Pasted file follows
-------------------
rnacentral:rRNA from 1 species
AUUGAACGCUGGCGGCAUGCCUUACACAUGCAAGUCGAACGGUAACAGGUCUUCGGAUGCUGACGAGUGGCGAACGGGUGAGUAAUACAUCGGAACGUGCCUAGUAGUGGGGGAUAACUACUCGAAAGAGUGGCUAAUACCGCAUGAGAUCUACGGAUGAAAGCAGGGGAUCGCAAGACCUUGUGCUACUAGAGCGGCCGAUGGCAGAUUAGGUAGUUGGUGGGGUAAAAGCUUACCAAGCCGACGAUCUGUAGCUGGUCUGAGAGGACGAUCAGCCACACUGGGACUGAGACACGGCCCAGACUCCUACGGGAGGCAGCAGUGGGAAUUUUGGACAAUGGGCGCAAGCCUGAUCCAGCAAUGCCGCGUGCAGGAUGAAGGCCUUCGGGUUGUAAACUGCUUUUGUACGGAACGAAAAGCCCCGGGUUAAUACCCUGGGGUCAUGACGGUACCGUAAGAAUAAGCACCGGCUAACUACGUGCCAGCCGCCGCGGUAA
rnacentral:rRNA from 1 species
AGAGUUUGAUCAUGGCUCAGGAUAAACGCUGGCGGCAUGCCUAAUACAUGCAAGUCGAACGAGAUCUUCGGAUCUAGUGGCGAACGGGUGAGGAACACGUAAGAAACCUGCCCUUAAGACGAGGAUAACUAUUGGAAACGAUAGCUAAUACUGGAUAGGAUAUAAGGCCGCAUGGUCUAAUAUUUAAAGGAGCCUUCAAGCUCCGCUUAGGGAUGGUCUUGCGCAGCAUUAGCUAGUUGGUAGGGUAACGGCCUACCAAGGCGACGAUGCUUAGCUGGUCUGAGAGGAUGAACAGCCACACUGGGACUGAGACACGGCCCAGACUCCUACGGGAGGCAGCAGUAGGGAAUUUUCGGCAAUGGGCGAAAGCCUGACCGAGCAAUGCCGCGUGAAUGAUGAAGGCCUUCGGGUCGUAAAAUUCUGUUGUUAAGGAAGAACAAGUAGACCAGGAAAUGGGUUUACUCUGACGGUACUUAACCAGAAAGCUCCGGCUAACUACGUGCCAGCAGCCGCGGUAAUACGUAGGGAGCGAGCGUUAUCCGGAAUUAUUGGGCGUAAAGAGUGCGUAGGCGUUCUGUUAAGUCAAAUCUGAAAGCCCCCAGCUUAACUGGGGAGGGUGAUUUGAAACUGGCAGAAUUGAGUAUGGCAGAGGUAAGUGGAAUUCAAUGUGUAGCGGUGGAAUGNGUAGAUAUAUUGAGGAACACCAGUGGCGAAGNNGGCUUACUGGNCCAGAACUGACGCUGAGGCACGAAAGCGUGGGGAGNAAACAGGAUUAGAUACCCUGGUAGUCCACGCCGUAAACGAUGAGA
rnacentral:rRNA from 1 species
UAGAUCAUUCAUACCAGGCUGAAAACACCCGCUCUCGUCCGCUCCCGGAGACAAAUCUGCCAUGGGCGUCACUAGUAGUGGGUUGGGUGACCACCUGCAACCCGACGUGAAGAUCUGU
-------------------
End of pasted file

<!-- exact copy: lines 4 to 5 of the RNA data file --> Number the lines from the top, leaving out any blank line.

AGAGUUUGAUCAUGGCUCAGGAUAAACGCUGGCGGCAUGCCUAAUACAUGCAAGUCGAACGAGAUCUUCGGAUCUAGUGGCGAACGGGUGAGGAACACGUAAGAAACCUGCCCUUAAGACGAGGAUAACUAUUGGAAACGAUAGCUAAUACUGGAUAGGAUAUAAGGCCGCAUGGUCUAAUAUUUAAAGGAGCCUUCAAGCUCCGCUUAGGGAUGGUCUUGCGCAGCAUUAGCUAGUUGGUAGGGUAACGGCCUACCAAGGCGACGAUGCUUAGCUGGUCUGAGAGGAUGAACAGCCACACUGGGACUGAGACACGGCCCAGACUCCUACGGGAGGCAGCAGUAGGGAAUUUUCGGCAAUGGGCGAAAGCCUGACCGAGCAAUGCCGCGUGAAUGAUGAAGGCCUUCGGGUCGUAAAAUUCUGUUGUUAAGGAAGAACAAGUAGACCAGGAAAUGGGUUUACUCUGACGGUACUUAACCAGAAAGCUCCGGCUAACUACGUGCCAGCAGCCGCGGUAAUACGUAGGGAGCGAGCGUUAUCCGGAAUUAUUGGGCGUAAAGAGUGCGUAGGCGUUCUGUUAAGUCAAAUCUGAAAGCCCCCAGCUUAACUGGGGAGGGUGAUUUGAAACUGGCAGAAUUGAGUAUGGCAGAGGUAAGUGGAAUUCAAUGUGUAGCGGUGGAAUGNGUAGAUAUAUUGAGGAACACCAGUGGCGAAGNNGGCUUACUGGNCCAGAACUGACGCUGAGGCACGAAAGCGUGGGGAGNAAACAGGAUUAGAUACCCUGGUAGUCCACGCCGUAAACGAUGAGA
rnacentral:rRNA from 1 species